New Ways of Exploring the Blog

In January 2021 the Illuminations blog unveiled our redesign. The purpose of this renovation was twofold: overhauling the look of the blog while making our 500+ posts easier to find and navigate. It’s hard to miss the new images from our collections in the center of the home page. These images link to posts related to topical areas such as literary collections, FSU heritage collections, and children’s books. You may also have noticed the new navigation options in the menu. Now readers can browse posts by category or search for specific terms on the dedicated search page. The search page provides full text searching of all blog posts as well as links to our most popular tags like Florida State College for Women and the John Mackay Shaw Collection.

Another new way to explore the blog is through our different series; the series page can be accessed from the Post Categories menu at the top of any page on Illuminations.

This is where we share recurring series posts that are based on a topic or theme. Some of these series have been around since the beginning of the blog while others are newer. The Student Views series includes over 50 posts written by students as they have worked with FSU Special Collections & Archives. One of the newer series, Queer and Trans History in the Stacks, has six powerful posts discussing diversity and inclusion in regards to the way libraries and special collections describe and collect LGBTQIA+ materials.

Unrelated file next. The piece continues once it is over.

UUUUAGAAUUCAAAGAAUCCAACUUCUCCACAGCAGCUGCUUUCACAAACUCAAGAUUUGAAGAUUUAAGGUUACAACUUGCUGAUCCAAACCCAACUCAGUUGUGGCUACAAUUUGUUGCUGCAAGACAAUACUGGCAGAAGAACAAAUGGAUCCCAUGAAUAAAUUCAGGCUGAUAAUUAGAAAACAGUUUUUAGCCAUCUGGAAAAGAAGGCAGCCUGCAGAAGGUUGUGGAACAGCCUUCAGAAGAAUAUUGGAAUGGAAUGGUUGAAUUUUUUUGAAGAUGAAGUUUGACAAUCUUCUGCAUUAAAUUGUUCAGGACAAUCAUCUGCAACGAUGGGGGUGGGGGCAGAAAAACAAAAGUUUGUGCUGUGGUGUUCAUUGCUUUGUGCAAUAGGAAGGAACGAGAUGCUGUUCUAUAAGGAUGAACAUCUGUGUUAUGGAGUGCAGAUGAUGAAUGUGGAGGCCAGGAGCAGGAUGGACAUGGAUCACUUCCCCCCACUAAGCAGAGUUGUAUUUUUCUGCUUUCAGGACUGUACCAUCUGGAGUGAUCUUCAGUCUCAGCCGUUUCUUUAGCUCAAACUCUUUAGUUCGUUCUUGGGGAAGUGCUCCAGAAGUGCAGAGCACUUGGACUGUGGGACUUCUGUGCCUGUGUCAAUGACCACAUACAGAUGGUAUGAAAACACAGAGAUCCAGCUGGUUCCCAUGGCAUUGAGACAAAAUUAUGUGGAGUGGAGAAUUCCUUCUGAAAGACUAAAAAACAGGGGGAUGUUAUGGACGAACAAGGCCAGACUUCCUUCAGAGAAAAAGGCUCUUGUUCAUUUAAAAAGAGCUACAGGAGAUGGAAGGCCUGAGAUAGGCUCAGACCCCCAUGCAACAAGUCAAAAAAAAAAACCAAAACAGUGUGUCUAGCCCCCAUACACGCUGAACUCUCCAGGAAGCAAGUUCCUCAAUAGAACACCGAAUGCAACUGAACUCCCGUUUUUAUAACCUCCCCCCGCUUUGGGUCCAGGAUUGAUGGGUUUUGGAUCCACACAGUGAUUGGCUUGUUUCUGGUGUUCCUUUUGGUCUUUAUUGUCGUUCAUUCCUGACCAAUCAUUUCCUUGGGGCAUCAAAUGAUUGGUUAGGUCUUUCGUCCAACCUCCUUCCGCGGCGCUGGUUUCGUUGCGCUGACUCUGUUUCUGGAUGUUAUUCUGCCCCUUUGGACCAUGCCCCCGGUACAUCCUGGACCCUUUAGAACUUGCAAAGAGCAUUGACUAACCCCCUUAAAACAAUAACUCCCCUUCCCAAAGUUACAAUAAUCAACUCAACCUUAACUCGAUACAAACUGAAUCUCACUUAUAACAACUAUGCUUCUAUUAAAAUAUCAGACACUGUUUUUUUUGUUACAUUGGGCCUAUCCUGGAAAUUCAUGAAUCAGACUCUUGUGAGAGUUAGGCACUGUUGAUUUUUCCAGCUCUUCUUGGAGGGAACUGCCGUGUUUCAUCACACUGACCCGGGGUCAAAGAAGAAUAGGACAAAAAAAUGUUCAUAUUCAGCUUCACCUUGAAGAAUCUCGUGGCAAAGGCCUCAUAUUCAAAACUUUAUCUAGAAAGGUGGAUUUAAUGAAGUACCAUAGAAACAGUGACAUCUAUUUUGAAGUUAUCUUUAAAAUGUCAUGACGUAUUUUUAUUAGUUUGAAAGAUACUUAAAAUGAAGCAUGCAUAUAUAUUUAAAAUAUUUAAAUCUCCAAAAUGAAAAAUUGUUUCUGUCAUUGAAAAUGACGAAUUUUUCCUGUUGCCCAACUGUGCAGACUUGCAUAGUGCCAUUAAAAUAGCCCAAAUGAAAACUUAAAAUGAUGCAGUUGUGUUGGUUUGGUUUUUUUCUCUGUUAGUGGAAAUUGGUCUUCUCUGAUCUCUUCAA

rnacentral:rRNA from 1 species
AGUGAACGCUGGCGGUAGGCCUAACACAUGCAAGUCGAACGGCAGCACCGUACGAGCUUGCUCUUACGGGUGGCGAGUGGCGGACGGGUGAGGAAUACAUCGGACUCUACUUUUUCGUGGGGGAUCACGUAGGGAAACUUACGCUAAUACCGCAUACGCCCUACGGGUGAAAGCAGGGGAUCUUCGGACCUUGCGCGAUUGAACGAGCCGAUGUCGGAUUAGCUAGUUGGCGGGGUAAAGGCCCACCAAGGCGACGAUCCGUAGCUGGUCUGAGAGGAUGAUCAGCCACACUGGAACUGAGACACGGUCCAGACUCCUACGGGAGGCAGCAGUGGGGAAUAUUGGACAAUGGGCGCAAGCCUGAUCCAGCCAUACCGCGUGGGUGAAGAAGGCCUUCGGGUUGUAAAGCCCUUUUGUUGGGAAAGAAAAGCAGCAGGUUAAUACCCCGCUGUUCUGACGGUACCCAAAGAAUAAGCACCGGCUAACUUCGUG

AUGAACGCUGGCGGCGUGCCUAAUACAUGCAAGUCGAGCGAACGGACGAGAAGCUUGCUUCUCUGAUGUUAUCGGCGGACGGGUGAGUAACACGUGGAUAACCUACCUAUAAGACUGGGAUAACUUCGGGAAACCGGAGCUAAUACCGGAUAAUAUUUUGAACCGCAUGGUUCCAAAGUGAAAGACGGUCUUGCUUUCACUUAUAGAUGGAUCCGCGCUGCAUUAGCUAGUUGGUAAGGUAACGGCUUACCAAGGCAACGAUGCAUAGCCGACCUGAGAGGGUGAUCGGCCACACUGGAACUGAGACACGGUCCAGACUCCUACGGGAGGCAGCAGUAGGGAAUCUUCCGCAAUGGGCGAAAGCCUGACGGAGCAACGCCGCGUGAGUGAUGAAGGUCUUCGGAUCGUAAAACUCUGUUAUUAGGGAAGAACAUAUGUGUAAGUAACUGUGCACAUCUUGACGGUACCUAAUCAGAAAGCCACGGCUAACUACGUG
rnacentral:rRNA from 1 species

Come and take a peek at the new linked images on the series page that will take you to all the posts in that series. It’s a quick way to check out all our historical cooking posts from the Great Rare Books Bake Off, or see the history of each FSU library in one place (hint: there are more libraries beyond Strozier and Dirac!).

Screen shot of the new linked series images on the Illuminations series page
Screen shot of the new linked series images on the Illuminations series page

Which series do you find most interesting? Let us know in the comments below!

Published by Kristin Hagaman

Graduate Assistant, Special Collections & Archives, Florida State University Libraries

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